Mickey & Bill @ Green Apple Fest
Green Apple fest rooted in Earth Day
Eclectic event aims to promote awareness of environmental issues
BY JAY LUSTIG Star-Ledger Staff
The Green Apple Music & Arts Festival is intended to keep Earth Day itself from becoming extinct.
Earth Day -- "a global holiday to celebrate the wonder of life on our planet," in the words of its creator, John McConnell -- has been around since 1970. Yet it has never picked up much momentum. Some years, it seems to pass by with very little fanfare.
"(Earth Day) was huge, 20 years ago," Green Apple producer Peter Shapiro says. "The irony is that it's faded a bit in the present, even though the environment is as pressing and important an issue as ever."
This year, Earth Day takes place April 22. The inaugural Green Apple festival, which runs from Wednesday to April 23 at dozens of New York venues and at the Mexicali Blues Cafe in Teaneck, will seek to increase awareness of the day in particular and environmental issues in general. Green activists will distribute literature at shows and recruit volunteers.
The festival is, on one level, an attempt to resurrect the spirit of Wetlands, the New York nightclub Shapiro once owned. Wetlands, which closed in 2000, frequently hosted environmental benefits and had an area devoted to disseminating environmental information, promoting rallies and gathering signatures on petitions.
Like Wetlands, the Green Apple festival will feature lots of jam bands, but not be exclusively devoted to them. Locations will range from CBGB to Carnegie Hall. Artists will include Grateful Dead drummers Mickey Hart and Bill Kreutzmann, rapper Ghostface Killah, reggae stars Toots & the Maytals, and the New York Philharmonic.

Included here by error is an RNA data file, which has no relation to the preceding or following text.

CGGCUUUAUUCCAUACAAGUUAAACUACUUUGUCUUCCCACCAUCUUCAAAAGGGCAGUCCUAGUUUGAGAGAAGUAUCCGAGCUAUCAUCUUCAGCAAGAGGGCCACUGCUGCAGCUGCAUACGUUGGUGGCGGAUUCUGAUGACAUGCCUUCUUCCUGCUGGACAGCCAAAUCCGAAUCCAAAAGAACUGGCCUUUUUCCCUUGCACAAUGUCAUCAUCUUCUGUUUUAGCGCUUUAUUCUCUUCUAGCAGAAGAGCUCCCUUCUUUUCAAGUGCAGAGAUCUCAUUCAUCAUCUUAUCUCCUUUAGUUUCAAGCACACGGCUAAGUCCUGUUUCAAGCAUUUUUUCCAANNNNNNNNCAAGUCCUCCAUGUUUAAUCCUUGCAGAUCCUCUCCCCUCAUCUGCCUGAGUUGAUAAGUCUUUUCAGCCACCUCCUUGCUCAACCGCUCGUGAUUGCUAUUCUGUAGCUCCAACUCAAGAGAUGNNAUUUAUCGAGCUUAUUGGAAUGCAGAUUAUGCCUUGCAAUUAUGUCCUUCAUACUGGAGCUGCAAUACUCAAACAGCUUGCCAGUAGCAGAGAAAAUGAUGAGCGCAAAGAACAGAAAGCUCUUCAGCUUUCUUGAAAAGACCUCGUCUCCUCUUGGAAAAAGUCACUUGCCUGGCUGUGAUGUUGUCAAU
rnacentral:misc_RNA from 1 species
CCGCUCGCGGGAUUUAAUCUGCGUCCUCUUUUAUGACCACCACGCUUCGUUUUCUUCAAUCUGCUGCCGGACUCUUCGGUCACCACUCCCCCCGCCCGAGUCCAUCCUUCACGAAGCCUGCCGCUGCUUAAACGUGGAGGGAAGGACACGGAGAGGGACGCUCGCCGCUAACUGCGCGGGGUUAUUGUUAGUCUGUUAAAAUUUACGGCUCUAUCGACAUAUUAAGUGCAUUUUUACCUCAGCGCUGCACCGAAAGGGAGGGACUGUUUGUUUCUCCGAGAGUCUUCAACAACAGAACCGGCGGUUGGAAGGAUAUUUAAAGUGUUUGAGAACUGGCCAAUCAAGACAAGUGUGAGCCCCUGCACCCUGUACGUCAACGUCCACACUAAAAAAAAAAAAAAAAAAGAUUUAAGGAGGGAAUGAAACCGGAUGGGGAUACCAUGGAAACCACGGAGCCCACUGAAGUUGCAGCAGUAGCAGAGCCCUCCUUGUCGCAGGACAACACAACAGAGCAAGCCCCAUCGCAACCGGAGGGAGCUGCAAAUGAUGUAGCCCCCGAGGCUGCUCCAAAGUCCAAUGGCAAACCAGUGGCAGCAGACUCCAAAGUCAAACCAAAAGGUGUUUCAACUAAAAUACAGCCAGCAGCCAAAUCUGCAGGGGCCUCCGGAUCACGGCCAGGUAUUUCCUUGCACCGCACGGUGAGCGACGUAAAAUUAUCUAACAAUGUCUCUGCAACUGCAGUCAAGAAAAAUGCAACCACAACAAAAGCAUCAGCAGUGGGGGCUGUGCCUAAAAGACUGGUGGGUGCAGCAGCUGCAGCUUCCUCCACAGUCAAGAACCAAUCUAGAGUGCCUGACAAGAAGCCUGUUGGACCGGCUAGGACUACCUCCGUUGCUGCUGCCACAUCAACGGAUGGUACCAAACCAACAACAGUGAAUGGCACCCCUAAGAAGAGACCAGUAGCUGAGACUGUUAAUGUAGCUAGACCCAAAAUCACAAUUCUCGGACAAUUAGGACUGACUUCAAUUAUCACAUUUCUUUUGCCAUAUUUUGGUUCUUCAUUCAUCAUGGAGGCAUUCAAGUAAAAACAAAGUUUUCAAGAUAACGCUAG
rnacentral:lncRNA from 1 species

There will be shows for children and a one-day film festival (featuring environmentally themed movies) at the American Museum of Natural History. The festival's closing event, at the Ziegfeld Theatre, will be the premiere of a documentary, "Wetlands Preserved: The Story of an Activist Rock Club," with vintage footage of groups like Phish, the Dave Matthews Band and Blues Traveler.
Green Apple has no central location, and there are no discounts for people attending multiple shows. "The idea was to be all over the city, and to be eclectic," Shapiro says.
While most of the shows are scheduled for April 21 and 22, the festival begins Wednesday with an appearance by the Rhythm Devils (featuring Hart and Kruetzmann) at the Canal Room club. The biggest event -- the sixth Jammys award show, devoted to honoring excellence in the jam-band scene, with lots of live music between award presentations -- takes place Thursday at the Theater at Madison Square Garden.
As in the past, the Jammys sets will mix artists -- everyone from jazzman Chick Corea to classic-rocker Peter Frampton -- in odd and often unprecedented combinations. The late Frank Zappa, whose intricate, eccentric and emphatically countercultural music influenced many jam bands, will be honored with a lifetime achievement award.
"Everybody has different feelings on what the term jam-band means," says Steve Bernstein, publisher of Relix magazine, which is co-producing the festival and featured Zappa on the cover of its April/May issue. "To me, it's about the highest quality of musicianship, people who really perfect their craft. People in the jam-band scene know good music, and Frank is very much embraced."
Jamming was not necessarily Zappa's focus, Shapiro says, "But I think the spirit of the Jammys is that it's unexpected. No one knows where it will go. (Zappa's award) doesn't make any sense in a lot of ways, but it makes a lot of sense in a weird way."
B.B. King Blues Club & Grill, 237 W. 42nd St., (212) 997-4144
April 22, The Mutaytor, featuring Mickey Hart, $16.50
Canal Room, 285 W. Broadway, (212) 941-8400
Wednesday, 9 p.m., The Rhythm Devils, featuring Mickey Hart and Bill Kreutzmann, sold out; April 21, 8 p.m., Steve Kimock & Stephen Perkins, $25
EarthFair at Grand Central Terminal, East 42nd Street at Park Avenue
April 22, the Mutaytor, with Mickey Hart and Baaba Maal (6 p.m.). All free.